Sign up ×
Physics Stack Exchange is a question and answer site for active researchers, academics and students of physics. It's 100% free.

I understand that the NNG formula relates $Q$, $I_3$, and $Y$ and can be derived in QCD; does this unambiguously predict the electric charge ratios without making assumptions about the definitions of isospin and hypercharge?

If so, this is unintuitive to me! Why does a particle carrying $SU(3)$ color charge care what charge it has under the totally separate electroweak $U(1)\times SU(2)~$ symmetries?

If not, is there a name for the "problem" of explaining the charge ratios?

share|cite|improve this question

1 Answer 1

up vote 3 down vote accepted

There is a nontrivial relation between the electric charge and the strong business, namely that there are instantons which will cause proton decay. So it is not completely true that there are no relations--- the requirement of anomaly cancellation requires that the proton decay process conserve charge, and so relates the total charge on the proton to the total charge on the electron.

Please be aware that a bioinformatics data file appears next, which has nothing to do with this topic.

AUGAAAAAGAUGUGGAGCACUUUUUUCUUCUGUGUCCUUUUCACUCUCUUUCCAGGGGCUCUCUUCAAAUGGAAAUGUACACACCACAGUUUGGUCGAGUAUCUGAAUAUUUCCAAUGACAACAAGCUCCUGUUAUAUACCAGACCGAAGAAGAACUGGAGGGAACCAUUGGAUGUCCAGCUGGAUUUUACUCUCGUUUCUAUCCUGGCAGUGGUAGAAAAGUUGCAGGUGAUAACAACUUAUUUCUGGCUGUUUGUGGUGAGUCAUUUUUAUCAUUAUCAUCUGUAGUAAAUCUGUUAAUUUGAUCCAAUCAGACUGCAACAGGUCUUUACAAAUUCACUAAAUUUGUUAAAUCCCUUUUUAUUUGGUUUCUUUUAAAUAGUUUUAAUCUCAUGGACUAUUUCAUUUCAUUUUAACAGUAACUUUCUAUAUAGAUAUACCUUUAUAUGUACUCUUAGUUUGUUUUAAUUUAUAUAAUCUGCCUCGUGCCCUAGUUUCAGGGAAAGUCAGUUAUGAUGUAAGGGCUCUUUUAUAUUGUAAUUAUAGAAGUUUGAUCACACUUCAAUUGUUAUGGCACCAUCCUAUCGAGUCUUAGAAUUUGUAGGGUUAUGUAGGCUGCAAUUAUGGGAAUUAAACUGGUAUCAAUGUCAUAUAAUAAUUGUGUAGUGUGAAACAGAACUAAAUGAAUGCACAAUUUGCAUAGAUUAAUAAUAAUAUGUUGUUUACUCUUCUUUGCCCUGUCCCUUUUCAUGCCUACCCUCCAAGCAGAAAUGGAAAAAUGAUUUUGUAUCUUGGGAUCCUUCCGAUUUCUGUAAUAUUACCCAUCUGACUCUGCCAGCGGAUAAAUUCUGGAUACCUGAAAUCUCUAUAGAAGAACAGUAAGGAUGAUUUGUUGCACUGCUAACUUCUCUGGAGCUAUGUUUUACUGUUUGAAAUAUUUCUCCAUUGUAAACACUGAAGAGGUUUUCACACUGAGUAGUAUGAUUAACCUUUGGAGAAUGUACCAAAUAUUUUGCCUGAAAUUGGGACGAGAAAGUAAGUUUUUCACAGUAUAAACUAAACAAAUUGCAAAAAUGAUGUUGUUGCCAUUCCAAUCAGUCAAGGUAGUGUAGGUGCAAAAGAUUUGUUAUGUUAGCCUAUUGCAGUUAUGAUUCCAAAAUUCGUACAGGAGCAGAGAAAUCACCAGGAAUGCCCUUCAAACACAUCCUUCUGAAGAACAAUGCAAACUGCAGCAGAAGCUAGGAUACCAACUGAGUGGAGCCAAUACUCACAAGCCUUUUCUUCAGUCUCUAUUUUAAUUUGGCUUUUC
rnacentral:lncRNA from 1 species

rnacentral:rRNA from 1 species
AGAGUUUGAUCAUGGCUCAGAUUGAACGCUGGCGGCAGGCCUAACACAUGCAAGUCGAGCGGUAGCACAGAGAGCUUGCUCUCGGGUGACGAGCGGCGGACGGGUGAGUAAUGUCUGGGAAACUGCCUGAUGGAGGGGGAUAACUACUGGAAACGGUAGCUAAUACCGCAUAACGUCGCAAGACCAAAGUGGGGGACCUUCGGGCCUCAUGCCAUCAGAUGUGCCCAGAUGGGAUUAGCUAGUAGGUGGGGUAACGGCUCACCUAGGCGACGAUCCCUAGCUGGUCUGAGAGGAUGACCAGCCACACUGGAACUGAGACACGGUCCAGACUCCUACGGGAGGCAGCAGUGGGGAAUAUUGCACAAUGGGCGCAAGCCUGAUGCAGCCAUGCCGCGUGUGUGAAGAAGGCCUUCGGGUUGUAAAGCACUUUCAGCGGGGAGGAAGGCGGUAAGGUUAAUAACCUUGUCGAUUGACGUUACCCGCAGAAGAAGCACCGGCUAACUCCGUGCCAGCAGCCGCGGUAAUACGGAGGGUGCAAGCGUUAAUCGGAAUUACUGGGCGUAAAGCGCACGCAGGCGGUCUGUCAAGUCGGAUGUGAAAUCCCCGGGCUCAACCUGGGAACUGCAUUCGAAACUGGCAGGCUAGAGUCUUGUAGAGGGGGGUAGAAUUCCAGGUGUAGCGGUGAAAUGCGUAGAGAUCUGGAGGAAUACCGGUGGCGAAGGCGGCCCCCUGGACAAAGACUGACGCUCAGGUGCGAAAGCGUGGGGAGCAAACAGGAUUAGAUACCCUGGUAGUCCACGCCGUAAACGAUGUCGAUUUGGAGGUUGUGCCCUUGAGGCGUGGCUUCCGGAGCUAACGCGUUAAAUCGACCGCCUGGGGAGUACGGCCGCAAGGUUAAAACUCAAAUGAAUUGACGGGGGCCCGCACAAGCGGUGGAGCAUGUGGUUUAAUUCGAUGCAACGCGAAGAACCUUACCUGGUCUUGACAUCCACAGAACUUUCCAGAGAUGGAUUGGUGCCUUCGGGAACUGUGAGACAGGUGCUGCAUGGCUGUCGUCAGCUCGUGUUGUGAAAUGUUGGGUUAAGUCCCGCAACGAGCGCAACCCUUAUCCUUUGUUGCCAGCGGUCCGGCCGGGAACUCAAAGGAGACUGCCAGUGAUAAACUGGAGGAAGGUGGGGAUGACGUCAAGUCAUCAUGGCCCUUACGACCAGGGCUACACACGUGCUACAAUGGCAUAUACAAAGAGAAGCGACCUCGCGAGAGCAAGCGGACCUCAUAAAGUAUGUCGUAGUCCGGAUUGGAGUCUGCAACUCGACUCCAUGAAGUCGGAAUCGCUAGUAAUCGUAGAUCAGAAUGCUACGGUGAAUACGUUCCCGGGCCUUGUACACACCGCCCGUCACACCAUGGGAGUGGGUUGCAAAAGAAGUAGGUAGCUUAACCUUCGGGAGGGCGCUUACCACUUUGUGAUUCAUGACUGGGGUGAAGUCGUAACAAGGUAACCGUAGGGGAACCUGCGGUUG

The U(1) numbers are completely crazy. The only sensible explanation is that they come from an SU(5) GUT (or SO(10) or E6 or some higher version of the SU(5) idea). The reduction of charges from SU(5) is explained in this answer: Is there a concise-but-thorough statement of the Standard Model?

This gives the 1,2,3,6 ratios of the hypercharge assignments in nature, and completely explains the crazy quark charges. It is also an automatic way of ensuring anomaly cancellation. This, and approximate coupling constant unification, are the two strongest bits of evidence for a GUT at a scale of $10^16$ GeV or thereabouts.

share|cite|improve this answer

protected by Qmechanic Apr 13 '13 at 17:40

Thank you for your interest in this question. Because it has attracted low-quality answers, posting an answer now requires 10 reputation on this site.

Would you like to answer one of these unanswered questions instead?

Not the answer you're looking for? Browse other questions tagged or ask your own question.